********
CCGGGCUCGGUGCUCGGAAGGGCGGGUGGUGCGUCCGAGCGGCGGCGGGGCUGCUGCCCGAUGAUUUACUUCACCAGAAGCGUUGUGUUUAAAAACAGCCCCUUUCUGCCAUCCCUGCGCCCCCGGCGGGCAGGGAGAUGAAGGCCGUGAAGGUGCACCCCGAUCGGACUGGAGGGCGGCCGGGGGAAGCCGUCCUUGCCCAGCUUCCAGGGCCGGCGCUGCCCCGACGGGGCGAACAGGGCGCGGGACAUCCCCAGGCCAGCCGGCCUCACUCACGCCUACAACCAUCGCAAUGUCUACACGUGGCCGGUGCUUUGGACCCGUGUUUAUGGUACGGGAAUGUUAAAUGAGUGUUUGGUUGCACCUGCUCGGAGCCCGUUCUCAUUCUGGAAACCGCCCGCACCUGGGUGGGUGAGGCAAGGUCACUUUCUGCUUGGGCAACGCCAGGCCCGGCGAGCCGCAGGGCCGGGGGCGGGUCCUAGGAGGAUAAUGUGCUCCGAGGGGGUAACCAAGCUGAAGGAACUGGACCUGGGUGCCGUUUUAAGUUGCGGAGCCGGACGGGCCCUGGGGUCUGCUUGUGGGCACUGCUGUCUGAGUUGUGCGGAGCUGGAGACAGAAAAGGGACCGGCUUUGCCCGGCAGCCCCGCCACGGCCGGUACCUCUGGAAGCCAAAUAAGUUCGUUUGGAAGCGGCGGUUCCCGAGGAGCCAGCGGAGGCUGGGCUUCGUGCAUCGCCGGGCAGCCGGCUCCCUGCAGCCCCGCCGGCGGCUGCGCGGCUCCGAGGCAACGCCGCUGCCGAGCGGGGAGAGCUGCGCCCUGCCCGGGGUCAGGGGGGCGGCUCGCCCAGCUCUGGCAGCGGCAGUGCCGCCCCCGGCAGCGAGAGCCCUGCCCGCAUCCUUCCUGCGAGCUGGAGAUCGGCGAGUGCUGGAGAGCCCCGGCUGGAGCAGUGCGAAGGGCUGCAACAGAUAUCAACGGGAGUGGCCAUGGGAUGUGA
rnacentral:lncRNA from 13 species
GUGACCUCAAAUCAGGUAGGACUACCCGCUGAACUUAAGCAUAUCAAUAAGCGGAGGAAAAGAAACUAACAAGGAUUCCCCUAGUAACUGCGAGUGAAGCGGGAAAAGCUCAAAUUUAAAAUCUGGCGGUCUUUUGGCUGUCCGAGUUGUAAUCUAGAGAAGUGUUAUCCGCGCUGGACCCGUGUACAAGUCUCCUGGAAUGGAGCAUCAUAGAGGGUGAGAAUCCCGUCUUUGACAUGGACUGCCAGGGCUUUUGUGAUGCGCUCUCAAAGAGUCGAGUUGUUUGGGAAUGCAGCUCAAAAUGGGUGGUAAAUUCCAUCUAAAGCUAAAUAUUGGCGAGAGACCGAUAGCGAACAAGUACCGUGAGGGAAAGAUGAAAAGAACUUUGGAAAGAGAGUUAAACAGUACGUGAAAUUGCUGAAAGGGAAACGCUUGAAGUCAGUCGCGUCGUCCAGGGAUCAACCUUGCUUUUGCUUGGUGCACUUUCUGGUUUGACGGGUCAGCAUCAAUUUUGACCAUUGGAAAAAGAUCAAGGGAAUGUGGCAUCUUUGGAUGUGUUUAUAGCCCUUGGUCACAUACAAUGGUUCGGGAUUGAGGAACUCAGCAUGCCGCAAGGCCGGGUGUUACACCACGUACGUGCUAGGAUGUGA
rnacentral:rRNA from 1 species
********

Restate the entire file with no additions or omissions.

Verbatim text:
CCGGGCUCGGUGCUCGGAAGGGCGGGUGGUGCGUCCGAGCGGCGGCGGGGCUGCUGCCCGAUGAUUUACUUCACCAGAAGCGUUGUGUUUAAAAACAGCCCCUUUCUGCCAUCCCUGCGCCCCCGGCGGGCAGGGAGAUGAAGGCCGUGAAGGUGCACCCCGAUCGGACUGGAGGGCGGCCGGGGGAAGCCGUCCUUGCCCAGCUUCCAGGGCCGGCGCUGCCCCGACGGGGCGAACAGGGCGCGGGACAUCCCCAGGCCAGCCGGCCUCACUCACGCCUACAACCAUCGCAAUGUCUACACGUGGCCGGUGCUUUGGACCCGUGUUUAUGGUACGGGAAUGUUAAAUGAGUGUUUGGUUGCACCUGCUCGGAGCCCGUUCUCAUUCUGGAAACCGCCCGCACCUGGGUGGGUGAGGCAAGGUCACUUUCUGCUUGGGCAACGCCAGGCCCGGCGAGCCGCAGGGCCGGGGGCGGGUCCUAGGAGGAUAAUGUGCUCCGAGGGGGUAACCAAGCUGAAGGAACUGGACCUGGGUGCCGUUUUAAGUUGCGGAGCCGGACGGGCCCUGGGGUCUGCUUGUGGGCACUGCUGUCUGAGUUGUGCGGAGCUGGAGACAGAAAAGGGACCGGCUUUGCCCGGCAGCCCCGCCACGGCCGGUACCUCUGGAAGCCAAAUAAGUUCGUUUGGAAGCGGCGGUUCCCGAGGAGCCAGCGGAGGCUGGGCUUCGUGCAUCGCCGGGCAGCCGGCUCCCUGCAGCCCCGCCGGCGGCUGCGCGGCUCCGAGGCAACGCCGCUGCCGAGCGGGGAGAGCUGCGCCCUGCCCGGGGUCAGGGGGGCGGCUCGCCCAGCUCUGGCAGCGGCAGUGCCGCCCCCGGCAGCGAGAGCCCUGCCCGCAUCCUUCCUGCGAGCUGGAGAUCGGCGAGUGCUGGAGAGCCCCGGCUGGAGCAGUGCGAAGGGCUGCAACAGAUAUCAACGGGAGUGGCCAUGGGAUGUGA
rnacentral:lncRNA from 13 species
GUGACCUCAAAUCAGGUAGGACUACCCGCUGAACUUAAGCAUAUCAAUAAGCGGAGGAAAAGAAACUAACAAGGAUUCCCCUAGUAACUGCGAGUGAAGCGGGAAAAGCUCAAAUUUAAAAUCUGGCGGUCUUUUGGCUGUCCGAGUUGUAAUCUAGAGAAGUGUUAUCCGCGCUGGACCCGUGUACAAGUCUCCUGGAAUGGAGCAUCAUAGAGGGUGAGAAUCCCGUCUUUGACAUGGACUGCCAGGGCUUUUGUGAUGCGCUCUCAAAGAGUCGAGUUGUUUGGGAAUGCAGCUCAAAAUGGGUGGUAAAUUCCAUCUAAAGCUAAAUAUUGGCGAGAGACCGAUAGCGAACAAGUACCGUGAGGGAAAGAUGAAAAGAACUUUGGAAAGAGAGUUAAACAGUACGUGAAAUUGCUGAAAGGGAAACGCUUGAAGUCAGUCGCGUCGUCCAGGGAUCAACCUUGCUUUUGCUUGGUGCACUUUCUGGUUUGACGGGUCAGCAUCAAUUUUGACCAUUGGAAAAAGAUCAAGGGAAUGUGGCAUCUUUGGAUGUGUUUAUAGCCCUUGGUCACAUACAAUGGUUCGGGAUUGAGGAACUCAGCAUGCCGCAAGGCCGGGUGUUACACCACGUACGUGCUAGGAUGUGA
rnacentral:rRNA from 1 species